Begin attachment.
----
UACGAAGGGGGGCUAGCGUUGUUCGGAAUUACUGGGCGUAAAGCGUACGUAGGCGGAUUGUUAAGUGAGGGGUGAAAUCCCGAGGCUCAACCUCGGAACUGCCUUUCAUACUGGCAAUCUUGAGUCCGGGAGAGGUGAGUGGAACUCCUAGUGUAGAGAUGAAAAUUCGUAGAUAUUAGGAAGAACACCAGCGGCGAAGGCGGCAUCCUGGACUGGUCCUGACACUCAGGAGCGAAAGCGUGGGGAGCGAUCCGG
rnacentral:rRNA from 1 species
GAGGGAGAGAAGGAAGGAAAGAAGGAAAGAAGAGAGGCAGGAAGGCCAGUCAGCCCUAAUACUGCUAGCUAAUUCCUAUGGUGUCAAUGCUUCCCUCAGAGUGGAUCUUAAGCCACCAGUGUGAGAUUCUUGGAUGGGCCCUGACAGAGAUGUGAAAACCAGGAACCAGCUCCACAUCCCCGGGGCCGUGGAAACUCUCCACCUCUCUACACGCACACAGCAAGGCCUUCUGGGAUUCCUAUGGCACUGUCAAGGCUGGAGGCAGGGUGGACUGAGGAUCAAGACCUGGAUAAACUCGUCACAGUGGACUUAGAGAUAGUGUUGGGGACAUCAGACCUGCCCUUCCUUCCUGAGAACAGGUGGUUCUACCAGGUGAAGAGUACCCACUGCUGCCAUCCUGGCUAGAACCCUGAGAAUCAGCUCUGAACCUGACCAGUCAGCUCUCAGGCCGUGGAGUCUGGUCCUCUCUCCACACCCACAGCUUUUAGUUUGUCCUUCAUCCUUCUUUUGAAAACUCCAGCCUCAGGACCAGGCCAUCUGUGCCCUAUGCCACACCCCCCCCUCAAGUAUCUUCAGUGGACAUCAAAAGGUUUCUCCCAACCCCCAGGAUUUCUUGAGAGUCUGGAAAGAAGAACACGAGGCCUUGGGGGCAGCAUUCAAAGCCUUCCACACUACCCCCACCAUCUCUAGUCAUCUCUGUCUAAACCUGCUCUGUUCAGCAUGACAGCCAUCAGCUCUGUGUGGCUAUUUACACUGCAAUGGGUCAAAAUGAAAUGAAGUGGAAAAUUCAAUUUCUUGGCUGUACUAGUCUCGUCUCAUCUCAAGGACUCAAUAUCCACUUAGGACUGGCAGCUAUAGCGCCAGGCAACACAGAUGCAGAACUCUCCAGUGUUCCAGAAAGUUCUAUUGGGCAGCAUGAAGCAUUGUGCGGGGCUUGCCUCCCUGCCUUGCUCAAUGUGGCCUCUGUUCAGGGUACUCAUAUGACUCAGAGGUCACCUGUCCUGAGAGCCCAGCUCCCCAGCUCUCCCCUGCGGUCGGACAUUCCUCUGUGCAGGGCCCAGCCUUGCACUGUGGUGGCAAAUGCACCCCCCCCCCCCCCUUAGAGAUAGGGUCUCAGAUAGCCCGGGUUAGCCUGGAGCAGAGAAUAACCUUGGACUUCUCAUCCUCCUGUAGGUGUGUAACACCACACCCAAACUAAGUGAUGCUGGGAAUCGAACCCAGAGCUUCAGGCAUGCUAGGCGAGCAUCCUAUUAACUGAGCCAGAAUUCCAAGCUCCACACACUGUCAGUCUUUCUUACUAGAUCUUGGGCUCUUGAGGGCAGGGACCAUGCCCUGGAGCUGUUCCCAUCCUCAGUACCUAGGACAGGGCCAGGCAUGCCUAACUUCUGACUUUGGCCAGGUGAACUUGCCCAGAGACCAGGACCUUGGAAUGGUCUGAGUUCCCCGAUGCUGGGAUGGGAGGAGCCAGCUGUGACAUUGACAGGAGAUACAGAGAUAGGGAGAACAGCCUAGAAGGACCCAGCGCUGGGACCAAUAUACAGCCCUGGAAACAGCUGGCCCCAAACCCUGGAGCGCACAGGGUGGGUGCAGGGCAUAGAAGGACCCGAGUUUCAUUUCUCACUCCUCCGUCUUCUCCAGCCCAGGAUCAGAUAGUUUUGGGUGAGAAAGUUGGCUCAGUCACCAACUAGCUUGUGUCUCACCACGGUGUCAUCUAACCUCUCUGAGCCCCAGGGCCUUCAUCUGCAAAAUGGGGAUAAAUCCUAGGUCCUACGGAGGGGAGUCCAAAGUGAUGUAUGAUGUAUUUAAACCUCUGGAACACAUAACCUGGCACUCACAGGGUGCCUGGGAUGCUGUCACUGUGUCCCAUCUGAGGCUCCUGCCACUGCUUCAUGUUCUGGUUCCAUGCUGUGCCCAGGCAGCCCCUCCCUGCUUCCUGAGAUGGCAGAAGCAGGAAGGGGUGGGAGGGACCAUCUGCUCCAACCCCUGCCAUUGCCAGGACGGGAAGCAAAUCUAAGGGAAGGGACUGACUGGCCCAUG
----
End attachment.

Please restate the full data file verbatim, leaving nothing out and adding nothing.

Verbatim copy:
UACGAAGGGGGGCUAGCGUUGUUCGGAAUUACUGGGCGUAAAGCGUACGUAGGCGGAUUGUUAAGUGAGGGGUGAAAUCCCGAGGCUCAACCUCGGAACUGCCUUUCAUACUGGCAAUCUUGAGUCCGGGAGAGGUGAGUGGAACUCCUAGUGUAGAGAUGAAAAUUCGUAGAUAUUAGGAAGAACACCAGCGGCGAAGGCGGCAUCCUGGACUGGUCCUGACACUCAGGAGCGAAAGCGUGGGGAGCGAUCCGG
rnacentral:rRNA from 1 species
GAGGGAGAGAAGGAAGGAAAGAAGGAAAGAAGAGAGGCAGGAAGGCCAGUCAGCCCUAAUACUGCUAGCUAAUUCCUAUGGUGUCAAUGCUUCCCUCAGAGUGGAUCUUAAGCCACCAGUGUGAGAUUCUUGGAUGGGCCCUGACAGAGAUGUGAAAACCAGGAACCAGCUCCACAUCCCCGGGGCCGUGGAAACUCUCCACCUCUCUACACGCACACAGCAAGGCCUUCUGGGAUUCCUAUGGCACUGUCAAGGCUGGAGGCAGGGUGGACUGAGGAUCAAGACCUGGAUAAACUCGUCACAGUGGACUUAGAGAUAGUGUUGGGGACAUCAGACCUGCCCUUCCUUCCUGAGAACAGGUGGUUCUACCAGGUGAAGAGUACCCACUGCUGCCAUCCUGGCUAGAACCCUGAGAAUCAGCUCUGAACCUGACCAGUCAGCUCUCAGGCCGUGGAGUCUGGUCCUCUCUCCACACCCACAGCUUUUAGUUUGUCCUUCAUCCUUCUUUUGAAAACUCCAGCCUCAGGACCAGGCCAUCUGUGCCCUAUGCCACACCCCCCCCUCAAGUAUCUUCAGUGGACAUCAAAAGGUUUCUCCCAACCCCCAGGAUUUCUUGAGAGUCUGGAAAGAAGAACACGAGGCCUUGGGGGCAGCAUUCAAAGCCUUCCACACUACCCCCACCAUCUCUAGUCAUCUCUGUCUAAACCUGCUCUGUUCAGCAUGACAGCCAUCAGCUCUGUGUGGCUAUUUACACUGCAAUGGGUCAAAAUGAAAUGAAGUGGAAAAUUCAAUUUCUUGGCUGUACUAGUCUCGUCUCAUCUCAAGGACUCAAUAUCCACUUAGGACUGGCAGCUAUAGCGCCAGGCAACACAGAUGCAGAACUCUCCAGUGUUCCAGAAAGUUCUAUUGGGCAGCAUGAAGCAUUGUGCGGGGCUUGCCUCCCUGCCUUGCUCAAUGUGGCCUCUGUUCAGGGUACUCAUAUGACUCAGAGGUCACCUGUCCUGAGAGCCCAGCUCCCCAGCUCUCCCCUGCGGUCGGACAUUCCUCUGUGCAGGGCCCAGCCUUGCACUGUGGUGGCAAAUGCACCCCCCCCCCCCCCUUAGAGAUAGGGUCUCAGAUAGCCCGGGUUAGCCUGGAGCAGAGAAUAACCUUGGACUUCUCAUCCUCCUGUAGGUGUGUAACACCACACCCAAACUAAGUGAUGCUGGGAAUCGAACCCAGAGCUUCAGGCAUGCUAGGCGAGCAUCCUAUUAACUGAGCCAGAAUUCCAAGCUCCACACACUGUCAGUCUUUCUUACUAGAUCUUGGGCUCUUGAGGGCAGGGACCAUGCCCUGGAGCUGUUCCCAUCCUCAGUACCUAGGACAGGGCCAGGCAUGCCUAACUUCUGACUUUGGCCAGGUGAACUUGCCCAGAGACCAGGACCUUGGAAUGGUCUGAGUUCCCCGAUGCUGGGAUGGGAGGAGCCAGCUGUGACAUUGACAGGAGAUACAGAGAUAGGGAGAACAGCCUAGAAGGACCCAGCGCUGGGACCAAUAUACAGCCCUGGAAACAGCUGGCCCCAAACCCUGGAGCGCACAGGGUGGGUGCAGGGCAUAGAAGGACCCGAGUUUCAUUUCUCACUCCUCCGUCUUCUCCAGCCCAGGAUCAGAUAGUUUUGGGUGAGAAAGUUGGCUCAGUCACCAACUAGCUUGUGUCUCACCACGGUGUCAUCUAACCUCUCUGAGCCCCAGGGCCUUCAUCUGCAAAAUGGGGAUAAAUCCUAGGUCCUACGGAGGGGAGUCCAAAGUGAUGUAUGAUGUAUUUAAACCUCUGGAACACAUAACCUGGCACUCACAGGGUGCCUGGGAUGCUGUCACUGUGUCCCAUCUGAGGCUCCUGCCACUGCUUCAUGUUCUGGUUCCAUGCUGUGCCCAGGCAGCCCCUCCCUGCUUCCUGAGAUGGCAGAAGCAGGAAGGGGUGGGAGGGACCAUCUGCUCCAACCCCUGCCAUUGCCAGGACGGGAAGCAAAUCUAAGGGAAGGGACUGACUGGCCCAUG